CULTURE A projection of Moscow's mindset
By Dmitry Shlapentokh
Russia's relations with the Asian people, as projected in recent movies, provides important insight not just about Russian domestic but also foreign policy, including Moscow's view of the current conflicts in the Middle East.
Since the end of Vladimir Putin's first term as president, the Russian movie industry has produced several historical movies on Asia and Russia's relations with the Asian people. Most have had broad public responses, indicated by heated debates in cyberspace.
A movie about Genghis Khan, Mongol, created in 2007 and directed by Sergei Bodrov, was one of the most prominent. It
dwelt on Khan's extraordinary life, rising from an unknown man, even a slave at certain times of his early life, to became the creator of a huge empire.
His extraordinary brutality, even by the criteria of his time, was overlooked, as well as Khan's descendents' conquest of Russia. The emphasis was on Khan's vitality, energy, talent and extraordinary will. In the movie, the East has positive implications whereas the West has a negative image.
In 2008, on the eve of Putin's passing his presidential scepter to Dmitry Medvedev (at least formally), a new movie, The Fall of an Empire - the Lesson of Byzantium, created by Archimandrite Tikhon, allegedly Putin's confessor, was shown on the official government TV channel, indicating its paramount ideological importance.
The movie dealt with history and the end of the Byzantine Empire, clearly identified here with Russia. While having a lot of similarities in its overall ideological framework with that of Mongol, Tikhon's movie has much less pleasing images of the East than Bogrov's work. The movie has decidedly anti-Western overtones.
According to this movie, the West is sly and deceptive; and one should not trust Western smiles and handshakes. Still, the most dangerous factor is not Western duplicity or even the fact that Western crusaders devastated Constantinople in 1204, but the corrosive influence of Western culture, which weakened the Byzantium Empire.
Still, there was not much hope in the East, and it was the Ottoman Turks who finally overtook Byzantium in 1453, leading to the disappearance of the indigenous Orthodox population.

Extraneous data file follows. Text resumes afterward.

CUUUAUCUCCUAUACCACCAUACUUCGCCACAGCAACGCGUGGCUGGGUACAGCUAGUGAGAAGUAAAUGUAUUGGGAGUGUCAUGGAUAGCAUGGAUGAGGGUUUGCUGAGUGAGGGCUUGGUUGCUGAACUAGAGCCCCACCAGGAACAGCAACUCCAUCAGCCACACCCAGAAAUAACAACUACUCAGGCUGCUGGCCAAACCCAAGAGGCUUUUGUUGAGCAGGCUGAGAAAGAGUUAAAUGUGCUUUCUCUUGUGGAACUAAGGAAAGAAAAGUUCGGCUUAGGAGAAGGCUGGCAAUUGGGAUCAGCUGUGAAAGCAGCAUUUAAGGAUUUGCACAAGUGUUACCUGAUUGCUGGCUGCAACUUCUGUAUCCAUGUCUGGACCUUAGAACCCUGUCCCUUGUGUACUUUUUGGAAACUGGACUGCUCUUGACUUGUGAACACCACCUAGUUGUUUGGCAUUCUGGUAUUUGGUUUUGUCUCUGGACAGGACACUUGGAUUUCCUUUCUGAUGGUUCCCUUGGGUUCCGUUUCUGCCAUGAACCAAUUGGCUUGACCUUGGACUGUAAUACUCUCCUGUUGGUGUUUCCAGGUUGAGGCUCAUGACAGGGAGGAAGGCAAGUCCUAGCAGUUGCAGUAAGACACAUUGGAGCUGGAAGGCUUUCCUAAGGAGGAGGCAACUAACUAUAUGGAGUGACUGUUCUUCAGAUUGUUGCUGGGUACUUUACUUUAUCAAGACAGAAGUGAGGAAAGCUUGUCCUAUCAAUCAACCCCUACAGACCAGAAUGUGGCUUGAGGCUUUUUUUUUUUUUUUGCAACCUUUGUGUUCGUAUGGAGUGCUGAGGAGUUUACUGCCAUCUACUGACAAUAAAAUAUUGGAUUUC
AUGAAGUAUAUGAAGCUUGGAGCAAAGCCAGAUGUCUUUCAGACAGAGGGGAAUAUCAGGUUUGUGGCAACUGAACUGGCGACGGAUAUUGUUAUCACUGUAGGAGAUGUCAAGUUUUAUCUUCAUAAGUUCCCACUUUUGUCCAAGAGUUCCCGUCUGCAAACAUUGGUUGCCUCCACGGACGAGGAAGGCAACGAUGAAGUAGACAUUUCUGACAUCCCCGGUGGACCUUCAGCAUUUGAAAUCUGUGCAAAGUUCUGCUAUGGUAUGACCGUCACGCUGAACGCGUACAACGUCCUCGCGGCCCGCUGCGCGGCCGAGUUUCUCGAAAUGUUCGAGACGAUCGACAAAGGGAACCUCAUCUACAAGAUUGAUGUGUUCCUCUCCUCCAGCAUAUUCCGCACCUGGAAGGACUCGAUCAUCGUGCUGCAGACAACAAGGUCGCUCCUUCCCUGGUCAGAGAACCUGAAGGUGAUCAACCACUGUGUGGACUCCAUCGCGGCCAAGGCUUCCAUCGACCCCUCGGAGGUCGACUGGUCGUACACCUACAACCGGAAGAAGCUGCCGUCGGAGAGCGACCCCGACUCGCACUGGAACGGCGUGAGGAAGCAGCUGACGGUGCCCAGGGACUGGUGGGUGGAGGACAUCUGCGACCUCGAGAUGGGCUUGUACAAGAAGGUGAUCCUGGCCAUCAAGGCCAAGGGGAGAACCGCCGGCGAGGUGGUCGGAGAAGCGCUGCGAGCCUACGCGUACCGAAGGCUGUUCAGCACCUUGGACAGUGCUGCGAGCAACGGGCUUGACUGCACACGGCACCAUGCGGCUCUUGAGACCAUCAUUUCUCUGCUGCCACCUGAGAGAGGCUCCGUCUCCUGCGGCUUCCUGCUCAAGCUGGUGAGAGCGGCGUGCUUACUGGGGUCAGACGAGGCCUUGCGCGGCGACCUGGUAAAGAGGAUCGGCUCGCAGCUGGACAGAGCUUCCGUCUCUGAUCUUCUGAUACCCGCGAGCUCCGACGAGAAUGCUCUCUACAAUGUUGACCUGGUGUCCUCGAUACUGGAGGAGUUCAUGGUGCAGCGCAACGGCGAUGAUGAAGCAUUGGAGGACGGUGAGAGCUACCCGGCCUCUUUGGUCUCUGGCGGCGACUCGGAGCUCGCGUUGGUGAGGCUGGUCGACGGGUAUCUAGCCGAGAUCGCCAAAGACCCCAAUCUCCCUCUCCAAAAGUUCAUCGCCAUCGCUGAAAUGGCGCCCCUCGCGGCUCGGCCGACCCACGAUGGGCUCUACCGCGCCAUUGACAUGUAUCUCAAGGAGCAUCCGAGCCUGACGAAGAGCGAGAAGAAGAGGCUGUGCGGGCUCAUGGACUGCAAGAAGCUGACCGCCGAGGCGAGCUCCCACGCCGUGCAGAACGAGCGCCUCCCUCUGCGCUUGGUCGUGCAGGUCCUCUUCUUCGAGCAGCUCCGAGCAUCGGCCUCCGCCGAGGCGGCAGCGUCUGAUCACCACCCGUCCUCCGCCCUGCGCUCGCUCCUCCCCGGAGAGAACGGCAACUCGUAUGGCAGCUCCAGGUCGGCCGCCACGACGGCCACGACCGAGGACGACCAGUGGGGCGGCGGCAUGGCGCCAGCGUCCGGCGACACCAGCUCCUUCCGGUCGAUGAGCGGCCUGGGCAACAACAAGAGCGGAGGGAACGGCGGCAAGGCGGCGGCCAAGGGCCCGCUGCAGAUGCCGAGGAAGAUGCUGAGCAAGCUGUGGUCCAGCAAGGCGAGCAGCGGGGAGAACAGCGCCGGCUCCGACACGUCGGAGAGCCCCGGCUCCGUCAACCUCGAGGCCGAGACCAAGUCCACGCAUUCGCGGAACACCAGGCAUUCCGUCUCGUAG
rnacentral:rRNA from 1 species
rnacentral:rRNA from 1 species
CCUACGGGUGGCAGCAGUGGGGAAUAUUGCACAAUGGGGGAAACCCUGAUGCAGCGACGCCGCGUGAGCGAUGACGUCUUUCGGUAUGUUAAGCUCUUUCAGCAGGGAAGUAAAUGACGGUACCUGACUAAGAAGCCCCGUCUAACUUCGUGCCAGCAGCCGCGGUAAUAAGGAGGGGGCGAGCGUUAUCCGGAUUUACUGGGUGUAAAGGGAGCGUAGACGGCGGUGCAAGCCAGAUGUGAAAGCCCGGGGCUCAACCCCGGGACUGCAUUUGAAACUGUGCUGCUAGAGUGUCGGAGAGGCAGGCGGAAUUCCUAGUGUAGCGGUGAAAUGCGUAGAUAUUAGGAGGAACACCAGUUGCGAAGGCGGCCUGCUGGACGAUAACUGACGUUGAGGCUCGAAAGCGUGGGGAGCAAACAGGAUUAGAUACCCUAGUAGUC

Finally, last year, the movie The Horde, sponsored and funded by the Russian Orthodox Church, was brought to the screen with an entirely new image of the West. The movie dealt with the Golden Horde, created after Batu (Batyi), Genghis Khan's grandson conquered Russian lands in the early 13th century. The rule of Batu and his descendants is usually called in Russian historiography the "Mongol/Tatar Yoke," and the movie's producer followed this traditional line.
The image of Tatars here is extremely negative: they were identified as brutal, sadistic, dirty, and with no moral restraints. One Tatar Khan, the protagonist of the movie, even contemplated an incestuous relationship with his mother.
Westerners emerge here as implicit allies of Russia, plainly because they were treated as badly as Russians; and, with all of their cultural/religious differences from Russians, they are closer to Russians by culture and habits. What is the broad implication of these movies and the evolution of the image of the West and East?
And why should anyone outside of Russia give any significance to these movies? This is quite important for understanding the nature of not just the internal evolution of Russian society.
Throughout most of Putin's tenure, Moscow's relationship with Washington was tense; and recently Moscow became at odds not just with the US, but also with most Europeans over the conflict in Syria. Still, despite the deterioration of Moscow's relationship with both Washington and Brussels, the opposite process took place among the Russian public.
It's true that the rest of Russians' lost their excitement about the US - quite strong in the beginning of Gorbachev's era - a long time ago. Yet, their interest in West and Central Europe and the desire to follow European footsteps grew as time progressed.
This process also corresponded with the increasing hostility between ethnic Russians and Muslims of various ethnic origins, including those who are citizens of the Russian Federation. As a result, the West, especially Europe, emerges in the mind of most ethnic Russians if not as friendly but at least a neutral force. In any case, the West is seen as much less of a threat than the Asians, mostly Muslim Asians. This view has a direct implication for Moscow's foreign policy.
The mainstream media usually points to Moscow's support of Damascus, ignoring the fact that Moscow's relationship with Teheran actually worsens as the Syrian Civil War rages. Moscow continues to deny Tehran's request to send S-300 missiles despite the 2007 contract and a recent Tehran law suit in an international court.
The Bushehr nuclear plant - still operated mostly by Russian personnel - has stopped working, and Iranian questions about nature of the problems were left without a response. Nor has Moscow responded to Israel's tough statement that S-300 missiles would be immediately attacked by Israel if they are, indeed, delivered to Syria.
All of this indicates that, while defending its national interests, neither the Kremlin nor the majority of ethnic Russians - similar to the protagonists of The Horde - are anxious to join the East in a full-fledged alliance to confront the West, including the US. And these views should be taken into account both in Washington and Brussels, especially at a time when Western military power is clearly showing its limits.
Dmitry Shlapentokh, PhD, is associate professor of history, College of Liberal Arts and Sciences, Indiana University South Bend. He is author of East Against West: The First Encounter - The Life of Themistocles, 2005
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